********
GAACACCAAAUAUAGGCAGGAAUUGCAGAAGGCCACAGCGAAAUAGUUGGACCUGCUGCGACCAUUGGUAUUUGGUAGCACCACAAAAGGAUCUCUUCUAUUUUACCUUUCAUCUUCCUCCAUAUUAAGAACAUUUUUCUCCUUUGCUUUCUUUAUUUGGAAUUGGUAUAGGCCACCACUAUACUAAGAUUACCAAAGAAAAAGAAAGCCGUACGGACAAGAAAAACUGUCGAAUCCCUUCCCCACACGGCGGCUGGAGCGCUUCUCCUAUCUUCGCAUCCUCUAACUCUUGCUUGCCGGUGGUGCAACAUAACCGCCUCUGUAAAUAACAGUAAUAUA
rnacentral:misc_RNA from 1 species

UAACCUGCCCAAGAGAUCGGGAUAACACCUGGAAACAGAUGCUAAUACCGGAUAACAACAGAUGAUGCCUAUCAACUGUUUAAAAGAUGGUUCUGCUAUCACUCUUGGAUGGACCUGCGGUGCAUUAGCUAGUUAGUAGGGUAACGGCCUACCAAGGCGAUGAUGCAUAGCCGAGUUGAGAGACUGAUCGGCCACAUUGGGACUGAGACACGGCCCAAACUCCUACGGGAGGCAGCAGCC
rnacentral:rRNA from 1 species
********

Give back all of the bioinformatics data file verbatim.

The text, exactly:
GAACACCAAAUAUAGGCAGGAAUUGCAGAAGGCCACAGCGAAAUAGUUGGACCUGCUGCGACCAUUGGUAUUUGGUAGCACCACAAAAGGAUCUCUUCUAUUUUACCUUUCAUCUUCCUCCAUAUUAAGAACAUUUUUCUCCUUUGCUUUCUUUAUUUGGAAUUGGUAUAGGCCACCACUAUACUAAGAUUACCAAAGAAAAAGAAAGCCGUACGGACAAGAAAAACUGUCGAAUCCCUUCCCCACACGGCGGCUGGAGCGCUUCUCCUAUCUUCGCAUCCUCUAACUCUUGCUUGCCGGUGGUGCAACAUAACCGCCUCUGUAAAUAACAGUAAUAUA
rnacentral:misc_RNA from 1 species

UAACCUGCCCAAGAGAUCGGGAUAACACCUGGAAACAGAUGCUAAUACCGGAUAACAACAGAUGAUGCCUAUCAACUGUUUAAAAGAUGGUUCUGCUAUCACUCUUGGAUGGACCUGCGGUGCAUUAGCUAGUUAGUAGGGUAACGGCCUACCAAGGCGAUGAUGCAUAGCCGAGUUGAGAGACUGAUCGGCCACAUUGGGACUGAGACACGGCCCAAACUCCUACGGGAGGCAGCAGCC
rnacentral:rRNA from 1 species